______________________________
    The CoTH CYA - please consult w/your veterinarian under any and all circumstances. - ET



  6. #66
    Join Date
    Sep. 12, 2006
    Location
    Virginia
    Posts
    3,859

    Default

    thanks guys, I will speak to the vet tomorrow. She doesn't typically lay in poop outside for sure but trainer has meds on if we need to sedate her to keep her in.



  7. #67
    Join Date
    Oct. 6, 2002
    Location
    Philadelphia PA
    Posts
    16,346

    Default

    They=my vets. Sorry, I thought that was clear from the context of the conversation/preceeding sentence.

    They don't want any additional risk of smegma/dirt getting on/near the injection site.

    Where I board, stall rest horses have their stalls cleaned more frequently.

    I've never seen a vet say "turn a horse out" right after injections. Clearly YMMV.
    ~Veronica
    "The Son Dee Times" "Sustained" "Somerset" "Franklin Square"
    http://photobucket.com/albums/y192/vxf111/



  8. #68
    Join Date
    Dec. 13, 1999
    Location
    Greensboro, NC
    Posts
    35,951

    Default

    Oh, they don't want to use the sedation for the joint injection as an opportunity to clean the sheath - yes, I get that now, sorry

    and yes, the reason I first replied was that my vet doesn't recommend stall rest right after the injection, which is different from your "I've never seen recommended..." experience If the horse is already in and is supposed to be in for other reasons, then keep him in, then turn him out at the next scheduled time. But if he's on full time turnout, then keep him as normal to allow for sedation to wear off to the point of being safe to turn back out. It's what she's always done and rarely, rarely has any complications. But, she's also extremely fanatical about scrubbing the site beforehand too.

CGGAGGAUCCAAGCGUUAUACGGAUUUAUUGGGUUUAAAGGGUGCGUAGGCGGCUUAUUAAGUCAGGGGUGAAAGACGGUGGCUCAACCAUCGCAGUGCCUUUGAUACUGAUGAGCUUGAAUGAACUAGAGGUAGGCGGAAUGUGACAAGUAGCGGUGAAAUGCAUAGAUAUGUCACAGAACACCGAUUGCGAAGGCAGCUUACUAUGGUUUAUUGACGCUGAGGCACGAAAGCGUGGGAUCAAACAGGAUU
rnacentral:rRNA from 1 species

______________________________
    The CoTH CYA - please consult w/your veterinarian under any and all circumstances. - ET



  9. #69
    Join Date
    Feb. 1, 2001
    Location
    Finally...back in civilization, more or less
    Posts
    11,515

    Default

    Quote Originally Posted by vxf111 View Post
    They=my vets. Sorry, I thought that was clear from the context of the conversation/preceeding sentence.

    They don't want any additional risk of smegma/dirt getting on/near the injection site.

    Where I board, stall rest horses have their stalls cleaned more frequently.

    I've never seen a vet say "turn a horse out" right after injections. Clearly YMMV.
    My vets have all said the same thing as yours over the years.
    **********
    We move pretty fast for some rabid garden snails.
    -PaulaEdwina



  10. #70
    Join Date
    Jul. 25, 2003
    Location
    Boston Area
    Posts
    8,462

    Default

    Quote Originally Posted by vxf111 View Post
    For infection reasons and to let the injections settle, I have always seen vets recommend at least a day or two of stall rest. The last thing you want to do is get infection in a joint!
    My vet told me to keep my horse in until the sedation wore off then to let him out (he lived out 24/7).

    It's been awhile now since I had injections done, but I think my horse got a day or two off, a couple of days of light riding and then back to work.
    Equine Ink - My soapbox for equestrian writings & reviews.
    EquestrianHow2 - Operating instructions for your horse.


    1 members found this post helpful.

Similar Threads

  1. Hock injection frustrations...long
    By Boomer in forum Horse Care
    Replies: 26
    Last Post: Aug. 6, 2012, 08:38 PM
  2. Hock injection- still not 100%
    By jumparound00 in forum Horse Care
    Replies: 8
    Last Post: Jul. 27, 2011, 09:43 PM
  3. Hock injection question: Steroid only, or HA?
    By Watermark Farm in forum Horse Care
    Replies: 16
    Last Post: Apr. 22, 2011, 12:04 AM
  4. Hock injection down time?
    By skyy in forum Horse Care
    Replies: 13
    Last Post: Dec. 15, 2009, 08:28 PM
  5. Claiming insurance for hock injection...
    By trinkamally in forum Horse Care
    Replies: 15
    Last Post: Nov. 22, 2008, 12:10 AM

Posting Permissions

  • You may not post new threads
  • You may not post replies
  • You may not post attachments
  • You may not edit your posts
  •  
randomness